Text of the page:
By Dana Luciano
2008 Winner, MLA First ebook PrizeCharting the proliferation of sorts of mourning and memorial throughout a century more and more interested in their ancient and temporal value, Arranging Grief deals an leading edge new view of the classy, social, and political implications of emotion. Dana Luciano argues that the cultural plotting of grief offers a particular perception into the nineteenth-century American temporal imaginary, due to the fact that grief either underwrote the social preparations that supported the nation’s general chronologies and backed alternative ways of advancing history.Nineteenth-century appeals to grief, as Luciano demonstrates, subtle modes of "sacred time" throughout either spiritual and ostensibly secular frameworks, without delay authorizing and unsettling tested schemes of connection to the prior and the long run. studying mourning manuals, sermons, memorial tracts, poetry, and fiction by means of Harriet Beecher Stowe, William Apess, James Fenimore Cooper, Catharine Maria Sedgwick, Susan Warner, Harriet E. Wilson, Herman Melville, Frances E. W. Harper, Frederick Douglass, Abraham Lincoln, Elizabeth Keckley, and Ralph Waldo Emerson, Luciano illustrates the ways in which grief coupled the affective physique to time. Drawing on formalist, Foucauldian, and psychoanalytic feedback, Arranging Grief indicates how literary engagements with grief placed forth methods of tough deep-seated cultural assumptions approximately heritage, growth, our bodies, and behaviors.
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Additional resources for Arranging Grief: Sacred Time and the Body in Nineteenth-Century America (Sexual Cultures: New Directions from the Center for Lesbian and Gay Studies)
The setting of the rural cemetery—in the country but within view of the city—matched the alternate perspectives on time opened in the subject by feeling. The rural cemetery’s spatial arrangements suggested the distinctly expansive temporality they effectively condensed: situated beyond the city, where time was hemmed in by the many demands placed upon it by a modernizing culture, the rural cemetery permitted the modern subject 33 MOMENTS MORE CONCENTRATED THAN HOURS to view, so to speak, its horizon.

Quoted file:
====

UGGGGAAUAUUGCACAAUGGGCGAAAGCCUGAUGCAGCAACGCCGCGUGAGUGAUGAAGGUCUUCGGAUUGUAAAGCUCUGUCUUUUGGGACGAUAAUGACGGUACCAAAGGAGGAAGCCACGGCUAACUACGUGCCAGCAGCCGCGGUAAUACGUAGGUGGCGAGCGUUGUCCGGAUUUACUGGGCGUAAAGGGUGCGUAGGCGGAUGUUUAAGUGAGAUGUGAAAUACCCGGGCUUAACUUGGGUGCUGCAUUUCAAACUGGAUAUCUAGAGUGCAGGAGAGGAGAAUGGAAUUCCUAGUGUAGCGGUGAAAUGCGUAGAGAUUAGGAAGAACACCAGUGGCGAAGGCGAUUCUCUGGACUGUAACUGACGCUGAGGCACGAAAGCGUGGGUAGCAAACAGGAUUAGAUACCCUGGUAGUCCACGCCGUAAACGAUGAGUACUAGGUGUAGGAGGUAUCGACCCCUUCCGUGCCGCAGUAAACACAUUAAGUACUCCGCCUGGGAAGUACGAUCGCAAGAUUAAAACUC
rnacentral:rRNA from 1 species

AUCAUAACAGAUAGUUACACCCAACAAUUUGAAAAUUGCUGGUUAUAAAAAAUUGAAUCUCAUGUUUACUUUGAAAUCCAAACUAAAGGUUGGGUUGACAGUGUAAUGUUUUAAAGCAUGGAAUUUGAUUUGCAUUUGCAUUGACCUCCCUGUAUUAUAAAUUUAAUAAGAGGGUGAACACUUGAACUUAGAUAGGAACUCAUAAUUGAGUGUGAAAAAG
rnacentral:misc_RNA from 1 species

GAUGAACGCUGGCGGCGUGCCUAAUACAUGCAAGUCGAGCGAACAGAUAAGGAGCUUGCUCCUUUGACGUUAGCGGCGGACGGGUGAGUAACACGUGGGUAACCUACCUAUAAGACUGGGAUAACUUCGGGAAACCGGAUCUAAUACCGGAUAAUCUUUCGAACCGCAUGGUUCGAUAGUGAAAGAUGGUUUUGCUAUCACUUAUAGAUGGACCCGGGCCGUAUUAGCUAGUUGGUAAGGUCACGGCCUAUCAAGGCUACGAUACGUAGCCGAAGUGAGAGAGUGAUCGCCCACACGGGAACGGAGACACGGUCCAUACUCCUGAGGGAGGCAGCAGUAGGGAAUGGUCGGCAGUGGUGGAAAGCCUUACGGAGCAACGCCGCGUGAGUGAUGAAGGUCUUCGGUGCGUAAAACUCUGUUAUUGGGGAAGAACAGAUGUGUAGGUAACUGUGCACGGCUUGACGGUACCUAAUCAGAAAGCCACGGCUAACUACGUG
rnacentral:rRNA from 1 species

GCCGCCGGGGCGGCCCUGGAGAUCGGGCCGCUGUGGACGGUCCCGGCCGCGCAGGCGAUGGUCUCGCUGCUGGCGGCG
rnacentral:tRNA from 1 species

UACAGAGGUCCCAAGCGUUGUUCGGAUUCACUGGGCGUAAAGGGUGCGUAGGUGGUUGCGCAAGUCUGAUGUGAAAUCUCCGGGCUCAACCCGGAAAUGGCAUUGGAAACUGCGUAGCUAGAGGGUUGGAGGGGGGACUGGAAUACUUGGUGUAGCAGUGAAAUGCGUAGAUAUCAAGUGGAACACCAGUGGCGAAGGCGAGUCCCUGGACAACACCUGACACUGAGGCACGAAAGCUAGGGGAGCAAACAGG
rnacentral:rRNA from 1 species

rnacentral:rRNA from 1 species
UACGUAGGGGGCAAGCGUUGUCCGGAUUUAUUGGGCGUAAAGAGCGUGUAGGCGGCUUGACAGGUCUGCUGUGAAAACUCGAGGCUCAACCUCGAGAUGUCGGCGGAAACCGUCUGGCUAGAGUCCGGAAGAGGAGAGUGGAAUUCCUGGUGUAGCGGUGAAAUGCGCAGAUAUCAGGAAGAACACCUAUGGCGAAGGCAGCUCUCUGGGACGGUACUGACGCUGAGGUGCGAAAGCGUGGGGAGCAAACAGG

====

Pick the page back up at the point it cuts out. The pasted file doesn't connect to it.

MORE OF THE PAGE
In a world increasingly constructed around change, the connections forged in grief’s lingering preserved some measure of continuity, precisely through its afﬁliation with extralinear temporal modes. The altered relation to time that characterizes the emotional world of the mourner is repeatedly invoked in Nehemiah Adams’s 1859 tract Catharine. Following on the success of the Congregationalist minister’s popular Agnes and the Key of Her Little Cofﬁn (1857), Catharine was written, like the earlier book, from the perspective of a bereaved father, mourning his nineteen-year-old daughter’s death from consumption.
Most noteworthy among these was the “rural” cemetery, introduced to the States by Mount Auburn in Cambridge, which opened in 1831, and Brooklyn’s Green-Wood, launched in 1838. 26 Contemporary commentators, however, emphasized the alternate temporal implications of these bucolic locations, highlighting the way they suited the disposition of grief. The dead, they argued, should be interred outside the city center because this location served the mourner best. The setting of the rural cemetery—in the country but within view of the city—matched the alternate perspectives on time opened in the subject by feeling.